DUBAI (Reuters) - Saudi Aramco officials and advisers are holding last-minute meetings with investors in an attempt to achieve as close to a $2 trillion valuation ahead of an expected Sunday announcement that the initial public offering (IPO) will go ahead, according to three sources.
Failure to reach the target would cause a dilemma for Saudi Crown Prince Mohammed bin Salman - swallow the bitter pill of going ahead at a lower valuation or postpone the initial public offering (IPO) once again.
The Aramco officials and advisers are meeting institutional investors around the world, according to the three people familiar with the matter. Chief executive Amin Nasser has been meeting investors in New York and London this week, they added.
Saudi Arabia’s crown prince on Friday approved the go ahead of the IPO of state oil giant Aramco, five sources familiar with the matter told Reuters.
The main sticking point remains the $2 trillion valuation, which has often been considered too ambitious by advisers and some insiders, according to the three sources. A valuation closer to $1.5 trillion is more likely, with wealthy Saudi families the main investors in the IPO, they said.
“Saudi Aramco does not comment on rumours or speculations,” the company said in an emailed response to Reuters’ queries about the meetings and IPO launch date. Aramco added it was ready for the IPO, and that the timing would depend on market conditions.
Saudi energy minister Prince Abdulaziz said on Wednesday that it would be a Saudi decision, specifically by Crown Prince Mohammed.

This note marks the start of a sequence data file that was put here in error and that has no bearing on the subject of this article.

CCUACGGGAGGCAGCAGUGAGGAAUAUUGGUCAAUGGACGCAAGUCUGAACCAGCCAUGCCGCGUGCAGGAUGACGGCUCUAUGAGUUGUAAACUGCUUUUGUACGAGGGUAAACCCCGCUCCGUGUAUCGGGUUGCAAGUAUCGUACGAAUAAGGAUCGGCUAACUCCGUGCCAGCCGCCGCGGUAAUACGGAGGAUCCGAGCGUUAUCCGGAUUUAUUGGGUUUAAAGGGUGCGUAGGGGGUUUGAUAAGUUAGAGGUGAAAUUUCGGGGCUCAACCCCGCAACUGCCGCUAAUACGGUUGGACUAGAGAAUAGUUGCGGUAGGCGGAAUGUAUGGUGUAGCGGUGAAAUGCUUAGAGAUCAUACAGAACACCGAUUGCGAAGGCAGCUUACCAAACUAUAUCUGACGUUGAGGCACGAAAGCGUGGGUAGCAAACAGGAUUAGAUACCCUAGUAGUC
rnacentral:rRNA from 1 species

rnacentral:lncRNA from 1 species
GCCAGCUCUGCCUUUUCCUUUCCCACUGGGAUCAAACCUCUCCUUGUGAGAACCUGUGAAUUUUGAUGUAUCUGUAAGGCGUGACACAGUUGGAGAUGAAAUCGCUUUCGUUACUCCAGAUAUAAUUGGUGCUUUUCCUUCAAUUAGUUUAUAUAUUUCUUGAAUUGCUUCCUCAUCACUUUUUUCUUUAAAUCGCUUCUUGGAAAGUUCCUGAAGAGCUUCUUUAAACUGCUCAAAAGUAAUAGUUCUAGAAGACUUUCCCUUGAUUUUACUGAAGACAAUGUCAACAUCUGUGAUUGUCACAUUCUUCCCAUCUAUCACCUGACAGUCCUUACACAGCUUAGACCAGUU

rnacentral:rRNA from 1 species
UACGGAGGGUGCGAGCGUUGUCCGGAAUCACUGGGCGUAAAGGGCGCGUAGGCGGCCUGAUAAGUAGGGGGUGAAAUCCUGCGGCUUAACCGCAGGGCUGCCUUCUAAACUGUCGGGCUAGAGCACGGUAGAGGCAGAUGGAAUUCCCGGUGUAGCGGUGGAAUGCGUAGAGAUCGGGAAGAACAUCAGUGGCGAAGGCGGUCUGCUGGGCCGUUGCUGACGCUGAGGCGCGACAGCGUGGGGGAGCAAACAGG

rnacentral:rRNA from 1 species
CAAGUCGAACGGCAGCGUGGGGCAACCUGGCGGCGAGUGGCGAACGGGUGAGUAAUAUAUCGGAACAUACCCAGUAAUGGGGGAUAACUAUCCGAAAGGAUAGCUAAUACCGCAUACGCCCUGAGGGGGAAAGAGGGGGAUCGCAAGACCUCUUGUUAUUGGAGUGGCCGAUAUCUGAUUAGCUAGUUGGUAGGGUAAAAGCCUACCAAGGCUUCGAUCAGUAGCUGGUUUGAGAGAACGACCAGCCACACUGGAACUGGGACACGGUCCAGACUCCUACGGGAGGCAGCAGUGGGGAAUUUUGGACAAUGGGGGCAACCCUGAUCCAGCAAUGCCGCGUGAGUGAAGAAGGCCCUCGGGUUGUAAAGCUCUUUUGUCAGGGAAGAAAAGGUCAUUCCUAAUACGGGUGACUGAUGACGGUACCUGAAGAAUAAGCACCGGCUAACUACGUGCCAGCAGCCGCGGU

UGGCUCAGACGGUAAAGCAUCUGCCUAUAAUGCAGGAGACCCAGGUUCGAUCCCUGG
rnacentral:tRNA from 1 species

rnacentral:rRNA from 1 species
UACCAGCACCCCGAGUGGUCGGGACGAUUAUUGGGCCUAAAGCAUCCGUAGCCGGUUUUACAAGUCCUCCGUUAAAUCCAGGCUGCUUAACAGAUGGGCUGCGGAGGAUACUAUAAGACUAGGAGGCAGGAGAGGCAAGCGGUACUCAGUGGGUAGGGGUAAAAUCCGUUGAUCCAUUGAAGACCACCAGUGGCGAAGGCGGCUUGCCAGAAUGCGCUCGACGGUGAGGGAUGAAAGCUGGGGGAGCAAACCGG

A weak outlook for oil prices, against a gloomy global economic picture and increasing climate change activism, could dampen investor interest, particularly in the Western world.
“Aramco’s officials and advisers are still on the road,” said one of the sources, a major institutional investor.
Saudi Arabia is separately still holding government-to-government meetings to attract investment from sovereign wealth funds, the investor added.
The state-owned oil major has also approached governments in the Gulf and Asia, including China, to try to secure the bulk of the investment from countries on friendly terms with Saudi Arabia, as the reception elsewhere has been cooler, sources have previously said.
The listing is the centrepiece of the crown prince’s plan to shake up the Saudi economy and diversify away from oil. But there have been various delays since the 2016 announcement. A launch is now expected on Sunday, sources have previously said.
Aramco has said it will pay a base dividend of $75 billion, which at $2 trillion would mean a dividend yield of 3.75%, below those already offered by competitors like Exxon Mobil Corp XOM.N and Royal Dutch Shell RDSa.L.
Shell’s dividend yield is over 6% and Exxon’s over 5%, according to Refinitiv data.
Oil majors have been raising payouts to shareholders over the past years to counter rising pressure from climate activism on investors to dump oil stocks and help the world switch to cleaner fuels such as wind and solar.
To achieve $2 trillion, in the largest IPO in history, Riyadh needs the initial listing of a 1% to 2% stake on the Saudi market to raise at least $20 billion to $40 billion.
Prince Mohammed wants to eventually list a total of 5% of the company. An international sale is expected to follow the domestic IPO.
The close relationship between new Aramco chairman Yasser al-Rumayyan, who also heads the PIF, the kingdom’s sovereign wealth fund, with the crown prince was a governance concern of some investors, the sources said.
The PIF (Public Investment Fund) will use the proceeds of the Aramco IPO sale to deliver on the prince’s ambitious domestic and economic reforms.
Additional reporting by Hadeel Al Sayegh and Marwa Rashad; Writing by Clara Denina; Editing by Pravin Char and Will Dunham
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